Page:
[en] It is analytically shown that interaction of magnetized multicomponent plasma with a target surface causes an instability of material erosion. The wave numbers and increments of growing fluctuations are determined in a linear approximation. The mean time of surface roughening is of the same order or even shorter than that of the erosion process itself. Erosion instabilities are of importance for long-pulse or steady-state operation of future reactor-grade fusion devices. (author)
[en] The X-divertor (XD) geometry in NSTX-U is demonstrated, via SOLPS simulations, to perform better than the standard divertor (SD); in particular, it allows detachment at a lower upstream density and stabilizes the detachment front near the target, away from the main X-point. Consequently a stable detached operation becomes possible—the localization near the plate allows a vast reduction of heat fluxes without degrading the core plasma. Indeed, it is confirmed by our simulation that at similar states of detachment the XD outperforms the SD by reducing the heat fluxes to the target and maintaining higher upstream temperatures, resulting in scrape-off layers that are more favorable for advanced tokamak operation. These advantages are attributed to the unique geometric characteristics of XD—poloidal flaring near the target. (paper)
[en] It is shown that, in a finite beta plasma, there may exist sheath-driven modes whose amplitude decreases exponentially with the distance from the divertor plate. The modes are sensitive to the radial tilt of the divertor plate. The short-wavelength branch of the instability, with the cross-field wavelength λ-bar of the order of a few ion gyro-radii, is present in the case of a 'positive' tilt of the divertor plate, whereas the long-wavelength branch, with λ-bar of the order of the 10 or so gyro-radii is unstable for the opposite sign of the tilt. The parallel e-folding length becomes less than the distance from the plate to the X-point (thereby making the mode insensitive to the processes near the X-point and the upper scrape-off layer) at plasma betas exceeding (2-3) x 10-4. A detailed analysis of the dispersion relations is provided. The features of the modes that can be used for their experimental identification are discussed. It is pointed out that the analogue of these modes may also exist in linear plasma devices with shaped end electrodes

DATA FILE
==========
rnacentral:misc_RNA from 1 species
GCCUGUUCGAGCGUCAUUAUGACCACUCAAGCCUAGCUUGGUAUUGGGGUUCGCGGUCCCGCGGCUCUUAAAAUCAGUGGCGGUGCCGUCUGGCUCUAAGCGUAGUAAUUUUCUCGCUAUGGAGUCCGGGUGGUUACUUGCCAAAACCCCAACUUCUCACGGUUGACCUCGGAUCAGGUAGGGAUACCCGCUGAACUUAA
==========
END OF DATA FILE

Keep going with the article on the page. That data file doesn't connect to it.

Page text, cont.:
[en] The particle and energy reflection coefficients are calculated for a plasma incident on a wall with an obliquely incident magnetic field. The salient result of these calculations is that the reflection coefficients can approach unity when the magnetic field is incident at grazing angles. This reflection of particles and energy will be an important process in determining the particle and energy balance in the edge plasma. (author)